I have watched with both amusement and interest the reaction to the Obama Administration’s recent moves on cyberspace. With their “civilian” bill on Capitol Hill and — according to a Wall Street Journal article — the military’s willingness to take action against cyber-raiders, Washington has entered a new phase in the cyber world, going from the wild frontier to some law and order. It is about time. And, brother, are the natives going to complain.
Whatever the flaws of the Obama proposal for the civilian side, I love seeing the business community bellow. The same folks who fret at conferences around the country about their “cyber safety” and make a bundle selling “protective software” don’t want regulation of their practices by the government. We can do it ourselves they say. Evidence would suggest to the contrary.
And on the left, the cry is Big Brother is intruding so watch out. I am sympathetic to this concern; however, as Justice Jackson once said, the Constitution is not a suicide pact. Nor, might I add, does every move by the government constitute the slippery slope to a total breakdown of civil rights. A concern, yes. A disaster, no.
Watching these 20th century mentalities deal with a 21st century problem is both amusing and frightening. Guess what, folks. Cyberspace is as much of a reality as land, sea, air and space. This frontier is without rules or rulers. However, we have not only a national stake in cyberspace through our defense structure; we also have a vast commercial stake with our banking, electrical and other major national industries depending on its viability and safety.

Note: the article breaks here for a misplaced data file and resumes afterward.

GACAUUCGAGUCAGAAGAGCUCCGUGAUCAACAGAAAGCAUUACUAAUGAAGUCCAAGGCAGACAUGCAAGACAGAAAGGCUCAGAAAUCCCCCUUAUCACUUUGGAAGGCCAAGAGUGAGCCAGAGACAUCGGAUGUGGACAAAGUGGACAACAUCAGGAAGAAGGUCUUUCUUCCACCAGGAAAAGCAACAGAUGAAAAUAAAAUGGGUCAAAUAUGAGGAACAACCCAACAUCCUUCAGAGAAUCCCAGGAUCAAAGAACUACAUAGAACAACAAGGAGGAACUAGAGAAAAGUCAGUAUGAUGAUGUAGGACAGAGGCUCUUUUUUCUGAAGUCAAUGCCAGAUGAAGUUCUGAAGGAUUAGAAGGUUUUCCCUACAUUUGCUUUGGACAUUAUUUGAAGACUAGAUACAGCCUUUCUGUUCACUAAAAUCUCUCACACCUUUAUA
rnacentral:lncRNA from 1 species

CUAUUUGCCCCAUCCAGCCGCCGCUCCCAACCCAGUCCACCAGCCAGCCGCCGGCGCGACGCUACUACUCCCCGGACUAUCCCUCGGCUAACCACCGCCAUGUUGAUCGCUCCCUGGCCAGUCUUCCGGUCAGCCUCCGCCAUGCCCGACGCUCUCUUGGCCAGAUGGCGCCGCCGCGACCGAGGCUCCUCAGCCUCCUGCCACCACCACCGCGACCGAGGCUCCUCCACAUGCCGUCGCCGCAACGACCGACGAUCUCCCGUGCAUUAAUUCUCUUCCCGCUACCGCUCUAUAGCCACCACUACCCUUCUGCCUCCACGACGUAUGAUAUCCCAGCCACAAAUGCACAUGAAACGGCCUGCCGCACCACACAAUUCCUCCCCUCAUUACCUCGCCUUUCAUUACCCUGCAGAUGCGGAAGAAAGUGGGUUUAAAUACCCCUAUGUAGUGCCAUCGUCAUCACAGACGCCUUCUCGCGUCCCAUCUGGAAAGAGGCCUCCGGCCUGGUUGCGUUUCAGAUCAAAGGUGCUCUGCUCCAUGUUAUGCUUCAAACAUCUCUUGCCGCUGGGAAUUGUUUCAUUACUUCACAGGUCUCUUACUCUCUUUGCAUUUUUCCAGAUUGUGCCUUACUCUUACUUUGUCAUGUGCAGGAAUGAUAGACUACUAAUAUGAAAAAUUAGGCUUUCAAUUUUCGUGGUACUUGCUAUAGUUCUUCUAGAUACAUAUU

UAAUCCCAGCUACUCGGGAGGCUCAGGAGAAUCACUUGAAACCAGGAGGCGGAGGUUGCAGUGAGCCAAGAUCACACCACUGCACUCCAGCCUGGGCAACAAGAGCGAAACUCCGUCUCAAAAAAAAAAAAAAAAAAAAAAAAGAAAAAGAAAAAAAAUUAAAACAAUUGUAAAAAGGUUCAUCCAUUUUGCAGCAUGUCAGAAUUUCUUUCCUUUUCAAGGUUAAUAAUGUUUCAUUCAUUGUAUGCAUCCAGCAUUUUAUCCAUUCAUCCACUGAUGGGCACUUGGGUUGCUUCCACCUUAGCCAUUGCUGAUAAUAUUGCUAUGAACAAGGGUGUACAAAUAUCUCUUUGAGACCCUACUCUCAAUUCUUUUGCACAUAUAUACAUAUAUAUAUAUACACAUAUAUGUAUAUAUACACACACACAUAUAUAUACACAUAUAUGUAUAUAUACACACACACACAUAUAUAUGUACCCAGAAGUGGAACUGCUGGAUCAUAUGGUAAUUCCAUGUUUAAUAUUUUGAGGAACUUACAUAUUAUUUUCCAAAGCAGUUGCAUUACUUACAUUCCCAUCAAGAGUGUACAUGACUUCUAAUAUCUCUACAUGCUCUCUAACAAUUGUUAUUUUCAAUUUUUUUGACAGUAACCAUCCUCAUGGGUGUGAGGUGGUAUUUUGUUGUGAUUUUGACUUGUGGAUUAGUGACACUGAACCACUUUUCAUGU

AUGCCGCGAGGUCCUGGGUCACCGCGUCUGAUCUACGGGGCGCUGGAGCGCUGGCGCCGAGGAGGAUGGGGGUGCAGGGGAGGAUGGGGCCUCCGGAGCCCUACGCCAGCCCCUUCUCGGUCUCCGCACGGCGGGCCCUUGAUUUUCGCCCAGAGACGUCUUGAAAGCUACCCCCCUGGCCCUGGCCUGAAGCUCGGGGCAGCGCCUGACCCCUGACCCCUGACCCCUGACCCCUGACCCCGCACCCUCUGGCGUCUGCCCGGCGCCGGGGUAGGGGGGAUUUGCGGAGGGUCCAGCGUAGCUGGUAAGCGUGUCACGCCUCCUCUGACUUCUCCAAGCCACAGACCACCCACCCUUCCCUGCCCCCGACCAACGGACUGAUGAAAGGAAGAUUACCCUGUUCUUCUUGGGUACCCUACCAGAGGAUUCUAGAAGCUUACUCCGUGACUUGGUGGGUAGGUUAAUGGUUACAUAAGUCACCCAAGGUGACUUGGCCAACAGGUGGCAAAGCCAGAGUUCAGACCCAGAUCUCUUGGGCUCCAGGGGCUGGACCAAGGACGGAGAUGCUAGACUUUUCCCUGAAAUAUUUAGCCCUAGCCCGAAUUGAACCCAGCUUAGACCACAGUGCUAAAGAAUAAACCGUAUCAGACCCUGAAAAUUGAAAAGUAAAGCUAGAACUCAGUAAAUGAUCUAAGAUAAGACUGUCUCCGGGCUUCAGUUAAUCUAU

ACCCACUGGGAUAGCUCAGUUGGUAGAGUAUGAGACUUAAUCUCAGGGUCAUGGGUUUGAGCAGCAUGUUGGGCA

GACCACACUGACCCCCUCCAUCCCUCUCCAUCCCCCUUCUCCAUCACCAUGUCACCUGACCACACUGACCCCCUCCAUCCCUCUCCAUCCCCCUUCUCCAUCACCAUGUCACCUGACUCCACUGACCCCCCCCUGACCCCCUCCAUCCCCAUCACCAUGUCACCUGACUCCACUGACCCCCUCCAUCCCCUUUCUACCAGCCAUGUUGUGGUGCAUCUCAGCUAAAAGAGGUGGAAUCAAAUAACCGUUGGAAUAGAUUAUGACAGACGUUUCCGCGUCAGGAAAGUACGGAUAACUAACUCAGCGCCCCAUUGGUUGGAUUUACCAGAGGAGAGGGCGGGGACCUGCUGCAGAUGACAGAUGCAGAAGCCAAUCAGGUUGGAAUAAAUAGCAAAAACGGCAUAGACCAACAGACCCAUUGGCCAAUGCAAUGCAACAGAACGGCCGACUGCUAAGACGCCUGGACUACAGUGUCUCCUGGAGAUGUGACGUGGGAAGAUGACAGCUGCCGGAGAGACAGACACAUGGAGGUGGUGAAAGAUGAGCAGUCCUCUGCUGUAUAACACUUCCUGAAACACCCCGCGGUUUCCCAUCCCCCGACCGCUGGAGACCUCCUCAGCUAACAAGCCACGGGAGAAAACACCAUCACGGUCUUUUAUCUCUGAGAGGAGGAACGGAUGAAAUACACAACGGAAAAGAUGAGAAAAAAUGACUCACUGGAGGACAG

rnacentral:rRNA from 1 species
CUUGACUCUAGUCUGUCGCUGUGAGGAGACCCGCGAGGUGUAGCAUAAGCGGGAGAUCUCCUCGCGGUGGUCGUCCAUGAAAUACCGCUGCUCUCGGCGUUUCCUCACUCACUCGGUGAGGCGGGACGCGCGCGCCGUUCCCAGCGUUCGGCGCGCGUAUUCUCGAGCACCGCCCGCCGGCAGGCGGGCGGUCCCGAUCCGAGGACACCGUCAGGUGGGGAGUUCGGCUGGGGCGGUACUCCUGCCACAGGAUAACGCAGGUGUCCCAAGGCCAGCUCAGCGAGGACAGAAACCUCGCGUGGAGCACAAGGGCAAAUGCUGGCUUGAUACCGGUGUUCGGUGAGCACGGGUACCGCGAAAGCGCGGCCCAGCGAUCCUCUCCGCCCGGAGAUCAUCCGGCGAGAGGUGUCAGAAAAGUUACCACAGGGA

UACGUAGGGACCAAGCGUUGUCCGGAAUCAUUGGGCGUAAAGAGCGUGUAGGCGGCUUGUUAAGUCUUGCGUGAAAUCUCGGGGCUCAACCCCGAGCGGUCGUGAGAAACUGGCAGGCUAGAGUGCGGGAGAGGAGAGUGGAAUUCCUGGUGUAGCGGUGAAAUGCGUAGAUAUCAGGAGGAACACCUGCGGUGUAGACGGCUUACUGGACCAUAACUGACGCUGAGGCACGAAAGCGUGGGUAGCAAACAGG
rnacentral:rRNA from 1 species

So, let’s introduce another 20th century concept to the debate – civil defense. The Cold War was total war. No civilian target was safe and no international boundaries respected. We chose to protect ourselves militarily but also with deep involvement of civilians. In a way, an early version of “see it, say it.”
Cyberspace is about total warfare, except instead of nation states only, we can now be enjoined by cyber warriors of all ilks – from terrorist groups to flash mob types of angry hackers whose interests temporarily coincide.
It is right and fair for the government to protect the American people. Standards must be set for that protection, and we must be willing and able to attack our attackers.
We are at the end of the beginning of cyberspace and the lawless frontier. Welcome to a new world where law and order is beginning.
LAST 5 POST BY Ronald Marks
- The Uses and Limits of Big Data in Risk Mitigation - May 3rd, 2013
- After Boston, Assessing the Need for (Information) Speed - April 23rd, 2013
- The Duck Quacks but are We at Cyber War? - April 15th, 2013
- Lost in Translation in a Strange Cyber Land - March 26th, 2013
- The Cyber Elephant and How to Tame It - March 4th, 2013